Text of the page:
Basic Cybersecurity Principles to Protect Yourself From Identity Theft and Identity Fraud
Modern technology provides a host of marvelous ways to stay informed and communicate with family, friends, and associates. Unfortunately, it also provides thieves with almost unlimited avenues to engage in identity theft and identity fraud. Identity theft occurs when someone steals some of your most valuable personal information, while identity fraud involves someone using your information in a fraudulent or deceptive manner.
Consider these recent identity theft statistics.
- Over the last 20 years, recorded instances of identity theft have increased by over 584%.
- In 2022, individuals in their 30s reported more identity theft than persons in any other age group.
- On the other hand, individuals in their 40s experienced the largest dollar loss in 2022 due to identity fraud – $840 million!
- Credit card theft is the most common type of identity fraud reported, with 441,822 cases documented in 2022.
3 Cybersecurity Principles
Given that most of us live daily on our electronic devices, it only makes good sense to know some basic cybersecurity principles you can use to protect yourself against those working constantly to steal from you.
1) Try to use only secure networks and websites.
Most of us access the internet using a variety of devices – phones, tablets, laptops, and sometimes even smart appliances. Many cybersecurity experts believe that phones and laptops are the most vulnerable to cyber attacks as we can use them across multiple networks.
If you’re using a public network, try to use a VPN (virtual private network) that routes your data through an encrypted virtual tunnel that disguises your IP address and is secure against external attacks.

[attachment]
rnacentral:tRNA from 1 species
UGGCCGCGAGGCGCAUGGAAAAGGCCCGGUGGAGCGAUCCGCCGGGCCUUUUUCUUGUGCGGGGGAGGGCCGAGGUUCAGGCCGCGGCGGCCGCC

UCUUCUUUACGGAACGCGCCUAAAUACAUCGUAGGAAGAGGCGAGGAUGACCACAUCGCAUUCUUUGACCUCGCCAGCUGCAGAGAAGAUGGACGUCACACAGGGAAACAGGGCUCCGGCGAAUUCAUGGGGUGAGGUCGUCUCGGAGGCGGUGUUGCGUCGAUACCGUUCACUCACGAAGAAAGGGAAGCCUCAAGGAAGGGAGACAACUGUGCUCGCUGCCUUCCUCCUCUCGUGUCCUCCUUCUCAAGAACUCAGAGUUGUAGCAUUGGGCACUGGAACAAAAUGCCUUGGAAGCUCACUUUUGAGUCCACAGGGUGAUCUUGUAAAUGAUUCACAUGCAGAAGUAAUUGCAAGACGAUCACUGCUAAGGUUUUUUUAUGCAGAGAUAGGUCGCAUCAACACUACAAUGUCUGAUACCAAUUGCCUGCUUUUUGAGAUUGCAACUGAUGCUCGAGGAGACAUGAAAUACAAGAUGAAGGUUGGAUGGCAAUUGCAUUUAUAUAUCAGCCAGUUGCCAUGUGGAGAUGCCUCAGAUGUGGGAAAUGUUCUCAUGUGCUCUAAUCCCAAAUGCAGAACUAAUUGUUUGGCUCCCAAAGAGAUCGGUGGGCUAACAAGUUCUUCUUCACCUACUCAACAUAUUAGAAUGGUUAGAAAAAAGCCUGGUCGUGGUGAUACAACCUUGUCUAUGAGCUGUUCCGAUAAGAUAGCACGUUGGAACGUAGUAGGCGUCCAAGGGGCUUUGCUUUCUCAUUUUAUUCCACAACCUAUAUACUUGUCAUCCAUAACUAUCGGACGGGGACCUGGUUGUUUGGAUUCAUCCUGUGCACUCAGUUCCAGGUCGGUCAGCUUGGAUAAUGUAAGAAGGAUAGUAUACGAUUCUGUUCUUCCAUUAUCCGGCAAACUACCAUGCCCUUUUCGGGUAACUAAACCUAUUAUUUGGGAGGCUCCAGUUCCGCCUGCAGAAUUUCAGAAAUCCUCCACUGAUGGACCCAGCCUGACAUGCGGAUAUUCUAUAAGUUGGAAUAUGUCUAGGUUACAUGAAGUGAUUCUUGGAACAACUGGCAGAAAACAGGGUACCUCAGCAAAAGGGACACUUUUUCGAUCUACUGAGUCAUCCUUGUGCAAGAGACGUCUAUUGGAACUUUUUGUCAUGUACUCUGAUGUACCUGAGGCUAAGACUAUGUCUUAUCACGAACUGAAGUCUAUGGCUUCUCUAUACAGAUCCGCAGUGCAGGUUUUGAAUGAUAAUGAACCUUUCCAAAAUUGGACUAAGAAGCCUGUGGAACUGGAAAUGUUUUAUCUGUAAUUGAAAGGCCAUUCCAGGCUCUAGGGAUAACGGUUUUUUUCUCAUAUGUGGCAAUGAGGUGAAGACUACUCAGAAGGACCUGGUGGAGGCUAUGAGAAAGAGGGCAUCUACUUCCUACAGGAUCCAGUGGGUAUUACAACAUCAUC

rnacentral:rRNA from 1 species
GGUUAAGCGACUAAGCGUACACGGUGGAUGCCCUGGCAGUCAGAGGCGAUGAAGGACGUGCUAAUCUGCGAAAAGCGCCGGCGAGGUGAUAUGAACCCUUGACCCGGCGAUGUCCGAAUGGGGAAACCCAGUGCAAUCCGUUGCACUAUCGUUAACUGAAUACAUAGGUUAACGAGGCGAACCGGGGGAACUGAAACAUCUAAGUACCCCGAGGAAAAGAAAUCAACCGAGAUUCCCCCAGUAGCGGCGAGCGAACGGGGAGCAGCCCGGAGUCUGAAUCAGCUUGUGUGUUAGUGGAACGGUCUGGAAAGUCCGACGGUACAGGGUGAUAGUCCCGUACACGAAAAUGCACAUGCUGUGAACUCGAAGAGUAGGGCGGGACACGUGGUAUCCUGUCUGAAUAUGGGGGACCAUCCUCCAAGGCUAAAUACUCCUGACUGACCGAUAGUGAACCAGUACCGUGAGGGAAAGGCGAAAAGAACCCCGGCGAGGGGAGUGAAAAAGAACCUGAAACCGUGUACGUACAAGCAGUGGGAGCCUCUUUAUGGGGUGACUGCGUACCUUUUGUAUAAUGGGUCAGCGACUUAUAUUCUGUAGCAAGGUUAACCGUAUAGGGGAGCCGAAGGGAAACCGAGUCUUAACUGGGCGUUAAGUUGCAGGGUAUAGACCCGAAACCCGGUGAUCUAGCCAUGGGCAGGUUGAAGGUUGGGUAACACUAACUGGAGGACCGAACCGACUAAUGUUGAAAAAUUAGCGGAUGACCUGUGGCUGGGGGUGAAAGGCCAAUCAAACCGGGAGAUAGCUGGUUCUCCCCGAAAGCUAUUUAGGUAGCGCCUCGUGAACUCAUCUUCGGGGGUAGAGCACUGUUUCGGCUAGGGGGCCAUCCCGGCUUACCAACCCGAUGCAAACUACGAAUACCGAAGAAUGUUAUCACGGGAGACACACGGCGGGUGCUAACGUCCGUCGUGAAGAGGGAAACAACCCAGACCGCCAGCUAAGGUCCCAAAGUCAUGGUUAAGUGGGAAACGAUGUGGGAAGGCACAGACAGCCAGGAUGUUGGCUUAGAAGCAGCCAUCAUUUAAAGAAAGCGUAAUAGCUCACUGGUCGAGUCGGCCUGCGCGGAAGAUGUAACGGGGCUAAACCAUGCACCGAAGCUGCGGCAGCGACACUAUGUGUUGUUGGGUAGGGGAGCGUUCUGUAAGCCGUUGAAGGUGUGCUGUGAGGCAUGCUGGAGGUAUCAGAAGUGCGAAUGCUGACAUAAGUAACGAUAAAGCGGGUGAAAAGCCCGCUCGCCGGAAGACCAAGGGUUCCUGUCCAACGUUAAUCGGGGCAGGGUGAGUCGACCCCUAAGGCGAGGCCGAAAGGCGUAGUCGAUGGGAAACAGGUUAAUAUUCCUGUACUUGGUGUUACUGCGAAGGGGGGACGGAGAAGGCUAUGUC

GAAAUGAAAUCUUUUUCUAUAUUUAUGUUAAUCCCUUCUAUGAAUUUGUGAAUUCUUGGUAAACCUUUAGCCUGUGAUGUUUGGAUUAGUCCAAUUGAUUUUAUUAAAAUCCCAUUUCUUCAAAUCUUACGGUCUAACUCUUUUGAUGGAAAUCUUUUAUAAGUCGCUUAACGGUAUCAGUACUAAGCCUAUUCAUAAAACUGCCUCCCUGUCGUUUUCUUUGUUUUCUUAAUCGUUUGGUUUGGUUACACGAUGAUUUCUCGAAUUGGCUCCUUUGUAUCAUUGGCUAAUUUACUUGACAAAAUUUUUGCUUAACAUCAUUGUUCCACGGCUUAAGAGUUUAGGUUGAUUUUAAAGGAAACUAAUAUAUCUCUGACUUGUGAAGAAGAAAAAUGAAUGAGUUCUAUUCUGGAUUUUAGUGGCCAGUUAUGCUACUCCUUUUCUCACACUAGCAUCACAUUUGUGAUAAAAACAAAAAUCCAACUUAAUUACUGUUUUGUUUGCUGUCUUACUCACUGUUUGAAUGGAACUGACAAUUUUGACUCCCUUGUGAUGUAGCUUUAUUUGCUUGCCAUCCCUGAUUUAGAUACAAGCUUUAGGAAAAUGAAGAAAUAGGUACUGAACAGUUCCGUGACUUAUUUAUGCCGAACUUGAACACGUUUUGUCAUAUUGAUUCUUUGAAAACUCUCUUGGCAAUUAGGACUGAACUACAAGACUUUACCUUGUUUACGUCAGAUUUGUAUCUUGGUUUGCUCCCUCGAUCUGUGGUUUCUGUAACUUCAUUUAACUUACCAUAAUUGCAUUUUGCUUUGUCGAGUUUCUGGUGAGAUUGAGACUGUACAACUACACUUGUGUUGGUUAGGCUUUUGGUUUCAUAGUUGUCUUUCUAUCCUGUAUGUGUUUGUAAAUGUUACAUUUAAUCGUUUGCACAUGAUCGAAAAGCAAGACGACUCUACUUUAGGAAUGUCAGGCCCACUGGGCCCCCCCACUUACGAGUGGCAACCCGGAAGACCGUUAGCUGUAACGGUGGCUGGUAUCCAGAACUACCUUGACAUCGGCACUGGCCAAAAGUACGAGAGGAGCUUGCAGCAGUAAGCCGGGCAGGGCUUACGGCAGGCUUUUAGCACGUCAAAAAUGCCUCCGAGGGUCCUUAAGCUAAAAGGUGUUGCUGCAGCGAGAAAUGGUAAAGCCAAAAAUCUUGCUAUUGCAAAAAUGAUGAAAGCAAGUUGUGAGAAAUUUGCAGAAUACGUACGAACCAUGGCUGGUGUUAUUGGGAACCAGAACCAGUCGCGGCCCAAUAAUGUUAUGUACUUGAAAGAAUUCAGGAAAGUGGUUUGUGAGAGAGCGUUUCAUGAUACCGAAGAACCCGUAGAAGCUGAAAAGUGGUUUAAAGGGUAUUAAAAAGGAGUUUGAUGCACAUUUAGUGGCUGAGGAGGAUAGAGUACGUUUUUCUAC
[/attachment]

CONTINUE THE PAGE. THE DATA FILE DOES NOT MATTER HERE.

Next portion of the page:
When surfing the web, check to see if a website is secure. To do this, look at the address bar and see if it has a lock icon or “HTTPS” in the address. These tell you the site has an SSL (secure socket layer) installed to protect your device against malicious threats.
2) Make use of multi-factor authentication.
In case you’re not familiar with the term, multi-factor authentication (MFA) requires you to use two or more forms of verification to access an online resource such as an account, application, or VPN. In other words, rather than having to provide just a username and password to access a source, you must also provide one or more verification factors to gain access, decreasing the likelihood of a successful cyber attack.
Of course, not every app or website offers this form of security, but by all means, use it when it is available.
3) Make every effort to stay informed.
We live busy, demanding lives, and most of us have neither the time nor the inclination to become IT security experts. But you should make an effort to protect your data by being aware of some of the more commonly used forms of identity theft and identity fraud.
For example, two standard forms of cyber-attacks are phishing and social engineering. Phishing usually involves emails that purport to come from trusted sources like your bank or a well-known retailer used for online shopping. And through email they will try to get valuable information, such as your date of birth, Social Security number, passwords, and other basic, vital information.
Social engineering works much the same way, and sometimes goes hand-in-hand with phishing, with someone claiming to be from a trusted source and trying to extract information from you, such as passwords to accounts and your MFA codes. The main difference between the two is that phishing occurs online, while social engineering can occur in any setting, either online or in person.
One of the best ways to protect yourself is to learn the specific ways in which various entities (your bank, the Social Security Administration, etc.) will communicate with you, and ignore those who use other forms of communication.
Also, as a rule, your trusted contacts will not ask for things like passwords or Social Security numbers. In contrast, a crook posing as an employee or government agency representative will almost always ask for this kind of information, and their questions should be a huge red flag for you.
To avoid id theft and id fraud, never give them this information.
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